(Bloomberg) — As Wall Street celebrates the Dow Jones Industrial Average’s biggest surge in nine decades, spare a thought for the people paid to figure out value in the stock market.
A lot of them are just giving up, sick of trying to make sense of a market whose view of a company like Boeing Co. changes by tens of billions of dollars a day. Volatility is just too high: the Dow has swung an average of 7% a day since March 12 — that’s well over $1 trillion of market value gained or lost in each session — compared with 0.6% in 2019.
Throw in circuit breakers that limit moves in futures for hours, the slow drip of economic data that doesn’t yet reflect the coronavirus’s impact and companies that pull profit forecasts by the day — it’s a landscape that defies any kind of valuation logic.
“The market has been flying blind, lacking two of its typical reference points, which are historical precedent and data,” says Dan Suzuki, Richard Bernstein Advisors deputy chief investment officer. “The data that the market typically relies on is too slow to keep up with how rapidly the situation has been changing.”
Financial models are going dark as virus angst roils prices, shuts businesses and upends supply chains. It’s impossible to assess how the Federal Reserve’s unprecedented stimulus will affect U.S. corporates, or when. That process takes time. During the financial crisis, four months and a 40% S&P 500 rout were needed before a 2008 package of fiscal stimulus kicked in for stocks. Nobody knows if the playbook will repeat.
Normally, when things go crazy in stocks, clients of big investment banks have strategists to turn to for advice on what to do. At the moment, the strategists have no clue.
BMO Capital’s Brian Belski and Oppenheimer’s John Stoltzfus suspended their year-end S&P targets on Tuesday, saying they need more economic certainty and specific data on the virus’s hit on earnings to make recommendations. Canaccord Genuity’s Tony Dwyer did the same last week.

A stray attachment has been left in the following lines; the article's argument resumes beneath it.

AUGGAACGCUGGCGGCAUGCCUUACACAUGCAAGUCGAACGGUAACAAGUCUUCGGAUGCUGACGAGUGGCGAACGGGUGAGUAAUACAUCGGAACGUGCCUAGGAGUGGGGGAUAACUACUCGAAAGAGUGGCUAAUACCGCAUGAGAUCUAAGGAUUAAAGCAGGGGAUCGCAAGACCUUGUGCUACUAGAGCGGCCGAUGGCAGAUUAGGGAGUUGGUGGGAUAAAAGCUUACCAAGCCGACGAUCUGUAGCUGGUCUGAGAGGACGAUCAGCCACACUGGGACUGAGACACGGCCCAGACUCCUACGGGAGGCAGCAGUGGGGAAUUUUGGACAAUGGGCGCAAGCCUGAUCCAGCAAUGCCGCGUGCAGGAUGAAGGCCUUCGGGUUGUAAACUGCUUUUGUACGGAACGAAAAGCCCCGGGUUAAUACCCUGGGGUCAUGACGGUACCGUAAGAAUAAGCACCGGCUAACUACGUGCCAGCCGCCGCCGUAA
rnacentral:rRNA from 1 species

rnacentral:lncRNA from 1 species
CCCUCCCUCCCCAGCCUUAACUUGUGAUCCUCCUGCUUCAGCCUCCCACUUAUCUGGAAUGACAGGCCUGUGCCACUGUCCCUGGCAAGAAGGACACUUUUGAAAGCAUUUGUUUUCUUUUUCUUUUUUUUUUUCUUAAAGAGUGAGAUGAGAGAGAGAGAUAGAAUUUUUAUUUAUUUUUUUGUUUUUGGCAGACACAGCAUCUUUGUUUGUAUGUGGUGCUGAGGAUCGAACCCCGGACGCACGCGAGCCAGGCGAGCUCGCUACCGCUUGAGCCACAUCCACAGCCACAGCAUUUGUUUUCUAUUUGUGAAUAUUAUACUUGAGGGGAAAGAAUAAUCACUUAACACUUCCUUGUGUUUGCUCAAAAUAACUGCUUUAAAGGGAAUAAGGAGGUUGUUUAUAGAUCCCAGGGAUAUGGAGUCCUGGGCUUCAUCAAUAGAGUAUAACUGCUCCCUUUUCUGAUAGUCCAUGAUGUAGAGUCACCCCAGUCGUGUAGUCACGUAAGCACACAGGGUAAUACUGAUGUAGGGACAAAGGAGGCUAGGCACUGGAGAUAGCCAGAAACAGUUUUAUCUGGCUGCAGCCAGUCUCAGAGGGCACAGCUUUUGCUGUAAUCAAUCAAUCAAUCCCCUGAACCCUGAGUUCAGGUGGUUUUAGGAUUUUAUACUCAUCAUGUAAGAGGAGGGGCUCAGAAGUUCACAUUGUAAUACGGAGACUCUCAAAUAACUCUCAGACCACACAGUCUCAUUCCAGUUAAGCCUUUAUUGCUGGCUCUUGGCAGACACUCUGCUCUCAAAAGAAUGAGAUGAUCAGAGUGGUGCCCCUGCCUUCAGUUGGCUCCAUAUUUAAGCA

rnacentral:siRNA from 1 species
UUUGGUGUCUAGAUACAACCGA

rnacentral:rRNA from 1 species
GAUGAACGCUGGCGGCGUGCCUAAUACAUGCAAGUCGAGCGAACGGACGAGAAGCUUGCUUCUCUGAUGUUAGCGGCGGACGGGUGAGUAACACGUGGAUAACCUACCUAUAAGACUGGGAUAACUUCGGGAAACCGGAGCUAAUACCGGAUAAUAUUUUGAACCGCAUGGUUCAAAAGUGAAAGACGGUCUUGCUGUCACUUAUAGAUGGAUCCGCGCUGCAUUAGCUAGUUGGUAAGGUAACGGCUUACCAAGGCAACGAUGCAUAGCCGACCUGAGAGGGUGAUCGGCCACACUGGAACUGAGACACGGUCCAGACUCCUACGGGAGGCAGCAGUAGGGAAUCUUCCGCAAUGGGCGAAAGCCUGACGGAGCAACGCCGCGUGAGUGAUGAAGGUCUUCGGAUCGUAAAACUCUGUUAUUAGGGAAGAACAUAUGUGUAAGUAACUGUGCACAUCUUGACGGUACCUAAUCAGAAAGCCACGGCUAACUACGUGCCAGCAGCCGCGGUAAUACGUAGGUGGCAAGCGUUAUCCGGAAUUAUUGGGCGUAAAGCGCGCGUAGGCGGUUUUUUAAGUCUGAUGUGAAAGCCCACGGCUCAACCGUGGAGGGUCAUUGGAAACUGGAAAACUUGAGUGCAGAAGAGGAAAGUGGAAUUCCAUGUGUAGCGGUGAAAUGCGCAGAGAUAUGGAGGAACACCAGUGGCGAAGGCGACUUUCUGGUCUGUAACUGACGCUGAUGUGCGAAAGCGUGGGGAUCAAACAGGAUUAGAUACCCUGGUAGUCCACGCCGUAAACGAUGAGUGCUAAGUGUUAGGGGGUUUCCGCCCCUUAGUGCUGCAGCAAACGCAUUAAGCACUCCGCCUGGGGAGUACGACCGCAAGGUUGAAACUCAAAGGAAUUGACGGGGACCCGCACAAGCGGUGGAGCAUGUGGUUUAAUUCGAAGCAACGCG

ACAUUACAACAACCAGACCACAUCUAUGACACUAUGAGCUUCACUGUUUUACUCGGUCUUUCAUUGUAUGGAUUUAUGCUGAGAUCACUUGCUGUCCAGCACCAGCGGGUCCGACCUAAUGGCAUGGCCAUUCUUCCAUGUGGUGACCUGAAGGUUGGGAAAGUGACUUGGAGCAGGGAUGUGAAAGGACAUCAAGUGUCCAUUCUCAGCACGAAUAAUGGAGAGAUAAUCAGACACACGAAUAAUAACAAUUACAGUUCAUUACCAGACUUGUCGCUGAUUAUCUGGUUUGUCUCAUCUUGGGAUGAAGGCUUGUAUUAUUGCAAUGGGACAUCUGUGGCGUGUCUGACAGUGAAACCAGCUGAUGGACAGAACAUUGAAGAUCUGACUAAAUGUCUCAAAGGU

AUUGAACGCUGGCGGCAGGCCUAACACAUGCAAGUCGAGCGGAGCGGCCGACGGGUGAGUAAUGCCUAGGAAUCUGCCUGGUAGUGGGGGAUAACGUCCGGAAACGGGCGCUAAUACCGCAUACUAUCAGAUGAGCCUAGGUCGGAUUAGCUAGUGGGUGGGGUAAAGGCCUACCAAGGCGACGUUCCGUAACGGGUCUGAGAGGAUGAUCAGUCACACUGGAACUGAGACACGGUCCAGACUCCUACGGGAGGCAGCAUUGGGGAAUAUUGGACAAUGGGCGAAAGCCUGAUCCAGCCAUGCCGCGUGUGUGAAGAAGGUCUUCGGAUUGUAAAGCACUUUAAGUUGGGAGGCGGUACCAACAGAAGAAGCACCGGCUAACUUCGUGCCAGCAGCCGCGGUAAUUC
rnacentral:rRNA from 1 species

“For the first time in our collective careers, we have decided to suspend our year-end S&P 500 price and EPS targets,” BMO’s Belski and Nicholas Roccanova said in a note late Monday. “There is minimal rational method for predicting the path of U.S. stocks given the rapidity and volatility of data, forecasts, and emotions on a nearly daily basis.”
Historical models do nothing to clarify what will happen to the market or corporate earnings. In 11 recessions since World War II, profits in the S&P 500 have fallen as little as 2%, while the median drop was 13%, Goldman Sachs says. If you’re of the extreme view that the current situation resembles 2008’s financial crisis, equities may have a lot further to fall.
Everything is contingent. How will the virus progress? What happens when you turn off an economy? Will problems in the credit market make a recovery impossible? Dubravko Lakos-Bujas, a strategist at JPMorgan Chase & Co., wrote last week that if policy makers fail to pass a comprehensive fiscal package promptly, selling will accelerate, taking out momentum stocks that have so far held up — relatively speaking. Marking those down to December 2018 lows — when they saw their last big beating — implies the index drops to 1,940, 43% from the February record.
“I don’t think it’s worth trying to estimate this disaster,” said Chris Zaccarelli, chief investment officer at Independent Advisor Alliance.
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